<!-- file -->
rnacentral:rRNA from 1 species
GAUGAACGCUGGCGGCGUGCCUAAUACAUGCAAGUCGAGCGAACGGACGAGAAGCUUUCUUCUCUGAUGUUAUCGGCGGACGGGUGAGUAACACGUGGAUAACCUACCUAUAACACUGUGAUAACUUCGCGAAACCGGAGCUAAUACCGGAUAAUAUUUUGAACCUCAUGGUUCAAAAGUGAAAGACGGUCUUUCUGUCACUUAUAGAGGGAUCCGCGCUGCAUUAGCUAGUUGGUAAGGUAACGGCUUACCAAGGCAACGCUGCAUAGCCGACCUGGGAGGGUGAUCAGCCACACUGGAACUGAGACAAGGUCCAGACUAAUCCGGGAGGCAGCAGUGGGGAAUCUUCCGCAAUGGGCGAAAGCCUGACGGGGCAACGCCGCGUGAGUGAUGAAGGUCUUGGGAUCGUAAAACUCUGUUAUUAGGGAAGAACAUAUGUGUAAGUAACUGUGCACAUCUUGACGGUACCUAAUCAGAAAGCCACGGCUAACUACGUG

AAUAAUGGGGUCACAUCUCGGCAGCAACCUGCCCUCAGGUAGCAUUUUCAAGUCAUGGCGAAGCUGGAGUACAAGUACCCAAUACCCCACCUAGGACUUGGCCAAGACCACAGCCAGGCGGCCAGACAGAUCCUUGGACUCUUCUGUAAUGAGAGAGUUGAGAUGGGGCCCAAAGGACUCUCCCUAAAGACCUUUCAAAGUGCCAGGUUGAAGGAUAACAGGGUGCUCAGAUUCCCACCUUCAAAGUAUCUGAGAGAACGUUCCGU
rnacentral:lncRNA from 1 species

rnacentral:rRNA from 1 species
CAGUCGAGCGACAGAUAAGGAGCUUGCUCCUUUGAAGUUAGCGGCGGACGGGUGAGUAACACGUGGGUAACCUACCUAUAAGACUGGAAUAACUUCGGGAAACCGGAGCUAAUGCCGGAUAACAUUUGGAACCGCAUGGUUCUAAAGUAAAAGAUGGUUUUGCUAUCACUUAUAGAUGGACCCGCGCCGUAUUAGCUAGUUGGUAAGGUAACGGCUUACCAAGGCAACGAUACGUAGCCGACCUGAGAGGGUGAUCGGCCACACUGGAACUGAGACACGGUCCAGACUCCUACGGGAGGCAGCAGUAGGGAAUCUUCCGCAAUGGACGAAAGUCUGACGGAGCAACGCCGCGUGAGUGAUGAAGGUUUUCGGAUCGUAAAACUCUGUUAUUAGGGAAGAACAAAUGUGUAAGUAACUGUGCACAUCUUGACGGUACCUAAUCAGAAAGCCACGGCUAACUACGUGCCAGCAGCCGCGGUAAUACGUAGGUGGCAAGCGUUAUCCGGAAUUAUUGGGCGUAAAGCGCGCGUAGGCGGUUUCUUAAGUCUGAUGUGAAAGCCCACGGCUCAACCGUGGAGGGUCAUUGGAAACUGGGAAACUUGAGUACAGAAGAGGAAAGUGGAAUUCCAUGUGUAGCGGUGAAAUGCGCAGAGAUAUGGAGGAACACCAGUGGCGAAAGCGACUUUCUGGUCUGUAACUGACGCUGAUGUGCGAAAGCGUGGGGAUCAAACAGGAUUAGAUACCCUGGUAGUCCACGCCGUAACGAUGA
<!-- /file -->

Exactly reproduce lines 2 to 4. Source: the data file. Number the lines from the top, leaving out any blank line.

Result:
GAUGAACGCUGGCGGCGUGCCUAAUACAUGCAAGUCGAGCGAACGGACGAGAAGCUUUCUUCUCUGAUGUUAUCGGCGGACGGGUGAGUAACACGUGGAUAACCUACCUAUAACACUGUGAUAACUUCGCGAAACCGGAGCUAAUACCGGAUAAUAUUUUGAACCUCAUGGUUCAAAAGUGAAAGACGGUCUUUCUGUCACUUAUAGAGGGAUCCGCGCUGCAUUAGCUAGUUGGUAAGGUAACGGCUUACCAAGGCAACGCUGCAUAGCCGACCUGGGAGGGUGAUCAGCCACACUGGAACUGAGACAAGGUCCAGACUAAUCCGGGAGGCAGCAGUGGGGAAUCUUCCGCAAUGGGCGAAAGCCUGACGGGGCAACGCCGCGUGAGUGAUGAAGGUCUUGGGAUCGUAAAACUCUGUUAUUAGGGAAGAACAUAUGUGUAAGUAACUGUGCACAUCUUGACGGUACCUAAUCAGAAAGCCACGGCUAACUACGUG

AAUAAUGGGGUCACAUCUCGGCAGCAACCUGCCCUCAGGUAGCAUUUUCAAGUCAUGGCGAAGCUGGAGUACAAGUACCCAAUACCCCACCUAGGACUUGGCCAAGACCACAGCCAGGCGGCCAGACAGAUCCUUGGACUCUUCUGUAAUGAGAGAGUUGAGAUGGGGCCCAAAGGACUCUCCCUAAAGACCUUUCAAAGUGCCAGGUUGAAGGAUAACAGGGUGCUCAGAUUCCCACCUUCAAAGUAUCUGAGAGAACGUUCCGU
rnacentral:lncRNA from 1 species